A Book Review: ‘A Confederacy of Dunces’ by John Kennedy Toole

John Kennedy Toole’s A Confederacy of Dunces was one of those classic books that had been on my radar for a while, but for some reason I never received the proverbial kick up the backside that I needed to make me choose that title before any others on my massive to-read list. The kick I’d been subconsciously waiting for came earlier this year when one of my greatest inspirations, Sir Billy Connolly revealed that A Confederacy of Dunces was his favourite book as part of his Made in Scotland documentary. If the book was good enough to earn such high praise from the Big Yin, I knew I had to grab a copy post-haste.

A Confederacy of Dunces is a cult classic American humour novel by John Kennedy Toole, although first written in 1963 it didn’t see print until 1980 following the efforts of Toole’s mother to get it published after the author took his own life. Despite its unorthodox and tragic route onto the world’s bookshelves, the novel is a rib-tickling romp that leaves the reader feeling a million miles from melancholy.

The book tells the story of one Ignatius J Riley, a hilariously pretentious, morbidly obese, highly educated, bone-idle moustachioed man-child with delusions of grandeur and a temperamental pyloric valve. Despite his natural intellect and inflated self-importance he remains blissfully unemployed, living with his mother in a blue-collar New Orleans neighbourhood populated by kooky residents. Ignatius is a walking ball of contradictions, he complains bitterly about the 20th Century’s lack of taste and decency yet he’s as flatulent as a Jersey cow. He has the ego of a Greek god but the dress sense of a vagrant; his everyday attire consisting exclusively of a baggy flannel nightshirt and a green hunting cap that he takes off so rarely, it might as well be stapled to his head. He is forever decrying the moral impurity of the motion picture industry, but goes to the cinema on a weekly basis. It is these stringently held beliefs and unconscious hypocrisies that inspire him to write. Our pompously puritanical protagonist spends most of his time locked in his bedroom penning a comprehensive critique of the modern age, scribbling frantically about anything that offends his medieval ideals.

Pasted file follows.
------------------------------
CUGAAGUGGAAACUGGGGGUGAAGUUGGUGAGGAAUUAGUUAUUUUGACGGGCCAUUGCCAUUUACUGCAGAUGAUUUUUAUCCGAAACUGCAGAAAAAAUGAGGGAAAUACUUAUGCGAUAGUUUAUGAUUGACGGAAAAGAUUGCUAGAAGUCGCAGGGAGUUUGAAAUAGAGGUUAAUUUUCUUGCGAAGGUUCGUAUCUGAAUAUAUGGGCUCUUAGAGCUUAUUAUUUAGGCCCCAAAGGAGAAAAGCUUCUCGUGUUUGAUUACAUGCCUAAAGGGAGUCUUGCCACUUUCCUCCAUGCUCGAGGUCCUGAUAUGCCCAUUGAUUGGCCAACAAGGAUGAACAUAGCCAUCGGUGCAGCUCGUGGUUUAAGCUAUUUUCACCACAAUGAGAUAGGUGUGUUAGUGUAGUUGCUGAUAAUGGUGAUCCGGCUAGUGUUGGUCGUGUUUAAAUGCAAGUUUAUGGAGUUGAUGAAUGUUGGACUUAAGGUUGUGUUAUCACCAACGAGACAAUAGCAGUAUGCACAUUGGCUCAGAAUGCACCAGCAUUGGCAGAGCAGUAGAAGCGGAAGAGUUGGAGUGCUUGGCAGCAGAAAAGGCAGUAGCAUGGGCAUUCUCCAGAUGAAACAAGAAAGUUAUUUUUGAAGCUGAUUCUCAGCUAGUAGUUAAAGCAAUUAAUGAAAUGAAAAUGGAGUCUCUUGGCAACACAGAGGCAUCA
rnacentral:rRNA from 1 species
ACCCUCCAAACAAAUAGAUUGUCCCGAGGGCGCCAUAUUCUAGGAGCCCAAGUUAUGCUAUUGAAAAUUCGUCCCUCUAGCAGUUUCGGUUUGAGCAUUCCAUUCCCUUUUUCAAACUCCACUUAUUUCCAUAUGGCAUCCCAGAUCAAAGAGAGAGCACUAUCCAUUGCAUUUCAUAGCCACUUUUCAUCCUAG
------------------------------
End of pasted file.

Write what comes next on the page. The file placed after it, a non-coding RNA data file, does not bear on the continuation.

Some of the novel’s funniest passages are excerpts from Ignatius’s vitriolic musings in which he rants at length about his run-ins with some of the wildest and wackiest people in New Orleans. These oddball adversaries include local cop Patrolman Mancuso, the staff at The Night of Joy, a nearby bar that Ignatius brands “a den of vice and iniquity” and his neighbour Miss Annie, a nosy older woman who doesn’t appreciate his nocturnal trumpet playing. Mr Reilly would be quite happy to remain at home composing his scornfully highfalutin manuscript for the rest of his days but after he accidentally incurs a hefty debt, his mother forces him to get a job.